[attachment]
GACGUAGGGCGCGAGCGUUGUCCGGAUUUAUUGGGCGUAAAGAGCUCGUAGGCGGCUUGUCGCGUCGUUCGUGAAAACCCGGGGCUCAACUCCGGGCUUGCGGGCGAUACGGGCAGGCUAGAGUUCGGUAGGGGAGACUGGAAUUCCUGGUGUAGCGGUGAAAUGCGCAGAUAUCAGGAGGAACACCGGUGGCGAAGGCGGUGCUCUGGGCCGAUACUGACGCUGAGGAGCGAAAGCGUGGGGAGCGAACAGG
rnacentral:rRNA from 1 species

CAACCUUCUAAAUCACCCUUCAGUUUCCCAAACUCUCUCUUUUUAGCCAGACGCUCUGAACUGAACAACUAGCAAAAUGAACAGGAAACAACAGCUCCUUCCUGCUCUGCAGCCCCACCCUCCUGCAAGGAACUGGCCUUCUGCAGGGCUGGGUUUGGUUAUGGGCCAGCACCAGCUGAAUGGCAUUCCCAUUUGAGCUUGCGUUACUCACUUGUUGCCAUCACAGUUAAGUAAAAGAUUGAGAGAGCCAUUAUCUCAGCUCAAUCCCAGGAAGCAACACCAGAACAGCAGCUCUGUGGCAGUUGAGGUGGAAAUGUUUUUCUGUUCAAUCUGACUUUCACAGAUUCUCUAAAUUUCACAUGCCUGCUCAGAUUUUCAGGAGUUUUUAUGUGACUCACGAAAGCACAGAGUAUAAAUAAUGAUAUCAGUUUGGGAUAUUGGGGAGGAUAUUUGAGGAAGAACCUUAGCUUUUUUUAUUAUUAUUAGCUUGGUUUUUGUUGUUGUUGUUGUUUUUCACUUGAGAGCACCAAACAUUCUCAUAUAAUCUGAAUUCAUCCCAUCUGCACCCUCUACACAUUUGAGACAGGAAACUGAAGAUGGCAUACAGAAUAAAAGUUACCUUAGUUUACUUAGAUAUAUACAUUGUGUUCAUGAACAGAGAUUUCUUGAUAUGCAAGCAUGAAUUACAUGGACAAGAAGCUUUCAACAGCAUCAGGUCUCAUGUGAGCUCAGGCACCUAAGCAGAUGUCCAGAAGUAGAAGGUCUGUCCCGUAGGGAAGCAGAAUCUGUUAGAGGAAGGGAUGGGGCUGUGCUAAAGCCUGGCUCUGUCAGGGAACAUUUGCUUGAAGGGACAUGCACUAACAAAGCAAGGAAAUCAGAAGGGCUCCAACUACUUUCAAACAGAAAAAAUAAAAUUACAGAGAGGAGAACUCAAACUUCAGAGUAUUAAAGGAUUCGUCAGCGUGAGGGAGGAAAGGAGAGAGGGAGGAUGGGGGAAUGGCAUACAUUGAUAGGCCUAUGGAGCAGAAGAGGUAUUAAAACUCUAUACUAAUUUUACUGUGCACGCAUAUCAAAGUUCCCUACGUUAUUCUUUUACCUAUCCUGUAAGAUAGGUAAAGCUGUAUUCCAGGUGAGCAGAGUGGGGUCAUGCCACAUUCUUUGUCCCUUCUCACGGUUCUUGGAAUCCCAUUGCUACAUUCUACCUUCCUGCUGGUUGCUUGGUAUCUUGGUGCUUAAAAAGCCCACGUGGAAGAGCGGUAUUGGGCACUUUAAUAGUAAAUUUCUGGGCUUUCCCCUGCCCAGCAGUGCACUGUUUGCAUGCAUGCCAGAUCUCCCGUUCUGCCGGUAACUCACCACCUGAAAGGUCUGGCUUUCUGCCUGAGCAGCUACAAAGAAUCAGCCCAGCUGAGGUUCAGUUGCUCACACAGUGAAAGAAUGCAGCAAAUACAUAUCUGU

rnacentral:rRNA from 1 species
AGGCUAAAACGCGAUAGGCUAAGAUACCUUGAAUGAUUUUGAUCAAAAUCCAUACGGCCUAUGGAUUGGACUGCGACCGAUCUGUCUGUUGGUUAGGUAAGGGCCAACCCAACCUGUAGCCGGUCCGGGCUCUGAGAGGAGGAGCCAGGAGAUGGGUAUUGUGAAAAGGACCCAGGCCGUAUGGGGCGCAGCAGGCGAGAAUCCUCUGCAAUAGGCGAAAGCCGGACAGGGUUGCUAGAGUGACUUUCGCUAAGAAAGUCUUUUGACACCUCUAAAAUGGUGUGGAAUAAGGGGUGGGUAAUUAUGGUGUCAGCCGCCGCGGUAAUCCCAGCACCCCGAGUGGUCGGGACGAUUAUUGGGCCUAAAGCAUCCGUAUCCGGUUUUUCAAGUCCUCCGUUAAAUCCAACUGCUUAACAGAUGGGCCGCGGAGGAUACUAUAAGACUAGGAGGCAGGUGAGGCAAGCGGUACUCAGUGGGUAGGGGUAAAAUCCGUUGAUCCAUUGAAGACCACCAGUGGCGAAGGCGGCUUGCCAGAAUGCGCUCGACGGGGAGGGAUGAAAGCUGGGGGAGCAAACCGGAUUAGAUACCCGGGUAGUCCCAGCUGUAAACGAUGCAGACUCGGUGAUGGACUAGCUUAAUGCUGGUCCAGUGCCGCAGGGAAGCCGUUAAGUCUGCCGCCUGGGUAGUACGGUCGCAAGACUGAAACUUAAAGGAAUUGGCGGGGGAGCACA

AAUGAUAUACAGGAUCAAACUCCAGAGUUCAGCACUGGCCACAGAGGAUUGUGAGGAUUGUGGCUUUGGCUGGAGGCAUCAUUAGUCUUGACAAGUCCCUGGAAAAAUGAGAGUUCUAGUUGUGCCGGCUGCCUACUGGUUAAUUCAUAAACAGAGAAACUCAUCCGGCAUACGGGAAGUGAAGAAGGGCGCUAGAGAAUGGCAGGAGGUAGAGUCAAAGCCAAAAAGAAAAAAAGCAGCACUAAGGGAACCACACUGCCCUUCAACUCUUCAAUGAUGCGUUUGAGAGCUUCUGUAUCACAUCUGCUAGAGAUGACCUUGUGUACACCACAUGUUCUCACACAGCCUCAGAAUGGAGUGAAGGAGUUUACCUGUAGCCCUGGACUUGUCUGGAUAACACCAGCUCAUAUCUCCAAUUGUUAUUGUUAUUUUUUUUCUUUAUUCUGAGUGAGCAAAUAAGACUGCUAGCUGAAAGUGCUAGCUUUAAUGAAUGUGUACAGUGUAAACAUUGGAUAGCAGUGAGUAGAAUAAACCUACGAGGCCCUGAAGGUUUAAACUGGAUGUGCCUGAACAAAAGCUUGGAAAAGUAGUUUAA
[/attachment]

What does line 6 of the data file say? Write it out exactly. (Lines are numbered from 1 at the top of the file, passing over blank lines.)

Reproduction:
AAUGAUAUACAGGAUCAAACUCCAGAGUUCAGCACUGGCCACAGAGGAUUGUGAGGAUUGUGGCUUUGGCUGGAGGCAUCAUUAGUCUUGACAAGUCCCUGGAAAAAUGAGAGUUCUAGUUGUGCCGGCUGCCUACUGGUUAAUUCAUAAACAGAGAAACUCAUCCGGCAUACGGGAAGUGAAGAAGGGCGCUAGAGAAUGGCAGGAGGUAGAGUCAAAGCCAAAAAGAAAAAAAGCAGCACUAAGGGAACCACACUGCCCUUCAACUCUUCAAUGAUGCGUUUGAGAGCUUCUGUAUCACAUCUGCUAGAGAUGACCUUGUGUACACCACAUGUUCUCACACAGCCUCAGAAUGGAGUGAAGGAGUUUACCUGUAGCCCUGGACUUGUCUGGAUAACACCAGCUCAUAUCUCCAAUUGUUAUUGUUAUUUUUUUUCUUUAUUCUGAGUGAGCAAAUAAGACUGCUAGCUGAAAGUGCUAGCUUUAAUGAAUGUGUACAGUGUAAACAUUGGAUAGCAGUGAGUAGAAUAAACCUACGAGGCCCUGAAGGUUUAAACUGGAUGUGCCUGAACAAAAGCUUGGAAAAGUAGUUUAA